Get it all: 2002 SEMA Show Coverage (11/6/2002)
SEMA SETTING RECORDS
What if you threw a recession and nobody came? That seems to be what’s happening in the aftermarket industry, according to SEMA officials. Initial figures suggest that member sales continue to climb this year, on top of 2001’s strong, $26 billion in volume. “Some members expected a softening,” said SEMA Executive Director Chris Kersting. “It hasn’t happened yet.” Meanwhile, with the Las Vegas Convention Center’s big expansion this year, SEMA was able to fill 25 percent more exhibit space for this year’s gathering, with more than a quarter of the 1568 exhibitors in the show for the first time. With a record 91,000 attendees pre-registered and thousands more paying their entrance fees on site, SEMA’s 2002 event just might surpass the attendance of the annual Consumer Electronics Show, officials noted, to become the biggest public event held in Las Vegas.
MARKET FRAGMENTATION DRIVING BIG CHANGES
The more the competition, “the more a customer expects exactly the product he wants,” said Chrysler CEO Dieter Zetsche. And that, he and other industry executives said, is driving a rapid fragmentation of the U.S. new car market. In response, automakers are likely to flood the market with an array of specialty vehicles and low volume spin-offs of more mainstream products.
PASSENGER CARS STAGING A COMEBACK?
A growing share of the parts and accessories at this year’s SEMA show are targeted at the booming light truck market. But a surprisingly large number of sedans, coupes, wagons and sports cars were among the concepts on display. “We are convinced” of the need to shift the focus at Chrysler back to passenger cars, said CEO Dieter Zetsche. But not everyone sees a real revival. Why have sales of passenger cars, and sedans in particular, fallen so sharply in recent years? The answer is simple, according to Ford design chief J Mays. They’ve become as boring as milquetoast and don’t inspire people like the sedans “prevalent in the ‘50s and ‘60s.” To bring back the sedan, he added, new designs will have to “come back with a lot of strength…and a lot of desire.”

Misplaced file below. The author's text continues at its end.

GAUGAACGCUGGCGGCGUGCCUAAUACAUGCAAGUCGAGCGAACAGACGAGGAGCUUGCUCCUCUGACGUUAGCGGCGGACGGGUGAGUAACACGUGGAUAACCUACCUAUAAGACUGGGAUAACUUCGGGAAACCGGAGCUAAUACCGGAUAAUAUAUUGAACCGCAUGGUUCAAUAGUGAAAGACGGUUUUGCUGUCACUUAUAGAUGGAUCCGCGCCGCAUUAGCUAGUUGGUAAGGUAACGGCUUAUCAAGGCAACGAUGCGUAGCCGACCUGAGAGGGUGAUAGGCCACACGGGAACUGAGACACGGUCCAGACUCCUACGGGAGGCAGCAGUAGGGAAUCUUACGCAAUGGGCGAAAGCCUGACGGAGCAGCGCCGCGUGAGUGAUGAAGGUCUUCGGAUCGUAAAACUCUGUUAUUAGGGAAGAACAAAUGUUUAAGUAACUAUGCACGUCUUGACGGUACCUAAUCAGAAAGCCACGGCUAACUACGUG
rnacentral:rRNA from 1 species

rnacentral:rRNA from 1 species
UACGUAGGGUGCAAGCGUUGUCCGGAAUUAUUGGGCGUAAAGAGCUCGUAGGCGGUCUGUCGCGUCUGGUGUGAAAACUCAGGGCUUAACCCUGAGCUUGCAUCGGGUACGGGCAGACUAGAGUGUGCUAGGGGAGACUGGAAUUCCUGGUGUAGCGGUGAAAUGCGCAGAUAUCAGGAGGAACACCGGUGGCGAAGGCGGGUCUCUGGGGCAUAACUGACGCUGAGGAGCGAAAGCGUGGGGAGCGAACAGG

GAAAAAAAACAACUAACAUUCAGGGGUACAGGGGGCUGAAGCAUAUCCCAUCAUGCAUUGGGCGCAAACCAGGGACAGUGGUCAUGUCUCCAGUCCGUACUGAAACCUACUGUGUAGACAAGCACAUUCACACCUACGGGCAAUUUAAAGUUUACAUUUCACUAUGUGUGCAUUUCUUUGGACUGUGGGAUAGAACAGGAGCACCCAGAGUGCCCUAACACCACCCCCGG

2002 Ford FR100 concept
While most of the show cars on display in Las Vegas are spin-offs of current production models, Ford took a look in the rearview mirror with its FR100 concept truck. It began life as a 1953 F-100 pickup, noted Dan Davis, head of the automaker’s Racing Technology team. Six inches were cut out of the bed, while the cab was stretched an equal amount. Under the hood, the FR100 featured the new 5.0-liter Cammer crate engine, a high-performance spin-off of Ford’s mainstay 4.6-liter modular V-8. The new powertrain puts out an estimate 425 horsepower, and will be offered in packages for use in a variety of racing configurations.
2002 Ford FR100 conceptEnlarge Photo
2002 Jaguar racing concept
That’s the idea being tested by the first-ever concept vehicle the British automaker has brought to SEMA, a high-performance version of the compact X-Type sedan. “There is a lot of interest in getting back on the track in North America,” revealed Jaguar spokesman Simon Sproule, most likely in the TransAm racing series. A decision could be made in the near future. And it would not be linked to any decision on the future of Jaguar’s struggling Formula One efforts, Sproule emphasized. Even if the automaker doesn’t return to U.S. racing, the new prototype could pump up interest in high-performance custom parts for Jaguar production vehicles.
2002 Jaguar racing conceptEnlarge Photo